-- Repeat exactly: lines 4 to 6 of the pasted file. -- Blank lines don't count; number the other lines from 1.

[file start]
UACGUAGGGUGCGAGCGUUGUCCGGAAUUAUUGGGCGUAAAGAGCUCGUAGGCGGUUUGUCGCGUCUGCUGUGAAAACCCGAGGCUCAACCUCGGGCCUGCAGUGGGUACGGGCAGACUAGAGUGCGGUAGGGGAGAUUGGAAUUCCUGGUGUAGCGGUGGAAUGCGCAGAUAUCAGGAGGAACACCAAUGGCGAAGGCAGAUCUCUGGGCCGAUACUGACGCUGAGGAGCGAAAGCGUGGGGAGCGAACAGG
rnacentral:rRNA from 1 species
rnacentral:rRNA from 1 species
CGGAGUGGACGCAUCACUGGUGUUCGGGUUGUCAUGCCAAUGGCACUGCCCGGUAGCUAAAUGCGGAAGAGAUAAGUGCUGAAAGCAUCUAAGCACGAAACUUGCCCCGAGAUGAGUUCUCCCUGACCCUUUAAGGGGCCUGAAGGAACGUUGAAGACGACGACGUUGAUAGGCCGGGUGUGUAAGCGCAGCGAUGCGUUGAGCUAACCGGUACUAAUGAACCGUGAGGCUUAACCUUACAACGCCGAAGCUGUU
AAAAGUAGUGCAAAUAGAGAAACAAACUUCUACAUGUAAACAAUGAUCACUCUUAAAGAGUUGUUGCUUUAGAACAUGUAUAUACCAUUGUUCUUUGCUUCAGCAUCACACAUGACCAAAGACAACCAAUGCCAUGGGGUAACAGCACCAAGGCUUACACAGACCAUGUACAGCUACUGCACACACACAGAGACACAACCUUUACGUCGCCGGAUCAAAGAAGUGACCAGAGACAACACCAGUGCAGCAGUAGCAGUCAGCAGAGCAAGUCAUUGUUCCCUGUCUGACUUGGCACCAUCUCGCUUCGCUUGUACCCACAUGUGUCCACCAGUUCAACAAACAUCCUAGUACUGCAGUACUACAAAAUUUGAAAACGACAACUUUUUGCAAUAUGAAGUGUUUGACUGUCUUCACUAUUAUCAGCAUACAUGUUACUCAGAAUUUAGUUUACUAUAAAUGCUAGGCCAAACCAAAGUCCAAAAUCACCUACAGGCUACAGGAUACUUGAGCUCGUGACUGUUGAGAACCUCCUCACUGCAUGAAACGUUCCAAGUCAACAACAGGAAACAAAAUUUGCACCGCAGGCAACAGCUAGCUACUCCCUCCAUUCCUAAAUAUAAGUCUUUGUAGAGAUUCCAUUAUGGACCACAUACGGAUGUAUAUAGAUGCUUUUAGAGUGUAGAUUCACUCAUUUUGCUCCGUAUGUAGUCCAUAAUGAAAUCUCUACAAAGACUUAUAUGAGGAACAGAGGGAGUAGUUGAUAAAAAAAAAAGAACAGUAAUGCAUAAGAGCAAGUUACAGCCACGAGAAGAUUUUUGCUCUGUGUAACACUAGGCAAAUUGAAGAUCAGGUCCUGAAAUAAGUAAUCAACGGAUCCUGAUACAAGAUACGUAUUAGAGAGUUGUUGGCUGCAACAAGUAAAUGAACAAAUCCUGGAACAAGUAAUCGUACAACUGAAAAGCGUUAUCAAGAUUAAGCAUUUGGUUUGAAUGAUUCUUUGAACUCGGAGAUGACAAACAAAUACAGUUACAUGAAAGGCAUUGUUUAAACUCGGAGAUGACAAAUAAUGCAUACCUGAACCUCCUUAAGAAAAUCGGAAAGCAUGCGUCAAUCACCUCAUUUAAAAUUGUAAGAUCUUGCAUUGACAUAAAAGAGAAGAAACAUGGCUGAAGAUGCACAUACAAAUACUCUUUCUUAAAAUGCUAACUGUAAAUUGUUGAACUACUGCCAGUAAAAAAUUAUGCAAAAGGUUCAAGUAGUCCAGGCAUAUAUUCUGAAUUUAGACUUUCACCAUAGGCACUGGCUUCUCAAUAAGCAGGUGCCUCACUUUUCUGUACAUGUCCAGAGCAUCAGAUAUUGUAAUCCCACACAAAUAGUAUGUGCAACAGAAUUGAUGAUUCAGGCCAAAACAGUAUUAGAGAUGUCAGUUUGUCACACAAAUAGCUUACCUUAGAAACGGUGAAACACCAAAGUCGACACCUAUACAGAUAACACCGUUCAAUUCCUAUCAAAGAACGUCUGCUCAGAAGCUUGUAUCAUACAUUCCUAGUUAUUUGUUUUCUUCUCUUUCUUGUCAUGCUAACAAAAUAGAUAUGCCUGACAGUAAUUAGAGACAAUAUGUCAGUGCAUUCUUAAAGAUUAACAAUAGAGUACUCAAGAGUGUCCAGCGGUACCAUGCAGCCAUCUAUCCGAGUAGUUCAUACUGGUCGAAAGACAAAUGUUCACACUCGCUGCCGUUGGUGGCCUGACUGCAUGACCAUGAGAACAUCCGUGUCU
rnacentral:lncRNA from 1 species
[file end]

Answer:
CGGAGUGGACGCAUCACUGGUGUUCGGGUUGUCAUGCCAAUGGCACUGCCCGGUAGCUAAAUGCGGAAGAGAUAAGUGCUGAAAGCAUCUAAGCACGAAACUUGCCCCGAGAUGAGUUCUCCCUGACCCUUUAAGGGGCCUGAAGGAACGUUGAAGACGACGACGUUGAUAGGCCGGGUGUGUAAGCGCAGCGAUGCGUUGAGCUAACCGGUACUAAUGAACCGUGAGGCUUAACCUUACAACGCCGAAGCUGUU
AAAAGUAGUGCAAAUAGAGAAACAAACUUCUACAUGUAAACAAUGAUCACUCUUAAAGAGUUGUUGCUUUAGAACAUGUAUAUACCAUUGUUCUUUGCUUCAGCAUCACACAUGACCAAAGACAACCAAUGCCAUGGGGUAACAGCACCAAGGCUUACACAGACCAUGUACAGCUACUGCACACACACAGAGACACAACCUUUACGUCGCCGGAUCAAAGAAGUGACCAGAGACAACACCAGUGCAGCAGUAGCAGUCAGCAGAGCAAGUCAUUGUUCCCUGUCUGACUUGGCACCAUCUCGCUUCGCUUGUACCCACAUGUGUCCACCAGUUCAACAAACAUCCUAGUACUGCAGUACUACAAAAUUUGAAAACGACAACUUUUUGCAAUAUGAAGUGUUUGACUGUCUUCACUAUUAUCAGCAUACAUGUUACUCAGAAUUUAGUUUACUAUAAAUGCUAGGCCAAACCAAAGUCCAAAAUCACCUACAGGCUACAGGAUACUUGAGCUCGUGACUGUUGAGAACCUCCUCACUGCAUGAAACGUUCCAAGUCAACAACAGGAAACAAAAUUUGCACCGCAGGCAACAGCUAGCUACUCCCUCCAUUCCUAAAUAUAAGUCUUUGUAGAGAUUCCAUUAUGGACCACAUACGGAUGUAUAUAGAUGCUUUUAGAGUGUAGAUUCACUCAUUUUGCUCCGUAUGUAGUCCAUAAUGAAAUCUCUACAAAGACUUAUAUGAGGAACAGAGGGAGUAGUUGAUAAAAAAAAAAGAACAGUAAUGCAUAAGAGCAAGUUACAGCCACGAGAAGAUUUUUGCUCUGUGUAACACUAGGCAAAUUGAAGAUCAGGUCCUGAAAUAAGUAAUCAACGGAUCCUGAUACAAGAUACGUAUUAGAGAGUUGUUGGCUGCAACAAGUAAAUGAACAAAUCCUGGAACAAGUAAUCGUACAACUGAAAAGCGUUAUCAAGAUUAAGCAUUUGGUUUGAAUGAUUCUUUGAACUCGGAGAUGACAAACAAAUACAGUUACAUGAAAGGCAUUGUUUAAACUCGGAGAUGACAAAUAAUGCAUACCUGAACCUCCUUAAGAAAAUCGGAAAGCAUGCGUCAAUCACCUCAUUUAAAAUUGUAAGAUCUUGCAUUGACAUAAAAGAGAAGAAACAUGGCUGAAGAUGCACAUACAAAUACUCUUUCUUAAAAUGCUAACUGUAAAUUGUUGAACUACUGCCAGUAAAAAAUUAUGCAAAAGGUUCAAGUAGUCCAGGCAUAUAUUCUGAAUUUAGACUUUCACCAUAGGCACUGGCUUCUCAAUAAGCAGGUGCCUCACUUUUCUGUACAUGUCCAGAGCAUCAGAUAUUGUAAUCCCACACAAAUAGUAUGUGCAACAGAAUUGAUGAUUCAGGCCAAAACAGUAUUAGAGAUGUCAGUUUGUCACACAAAUAGCUUACCUUAGAAACGGUGAAACACCAAAGUCGACACCUAUACAGAUAACACCGUUCAAUUCCUAUCAAAGAACGUCUGCUCAGAAGCUUGUAUCAUACAUUCCUAGUUAUUUGUUUUCUUCUCUUUCUUGUCAUGCUAACAAAAUAGAUAUGCCUGACAGUAAUUAGAGACAAUAUGUCAGUGCAUUCUUAAAGAUUAACAAUAGAGUACUCAAGAGUGUCCAGCGGUACCAUGCAGCCAUCUAUCCGAGUAGUUCAUACUGGUCGAAAGACAAAUGUUCACACUCGCUGCCGUUGGUGGCCUGACUGCAUGACCAUGAGAACAUCCGUGUCU
rnacentral:lncRNA from 1 species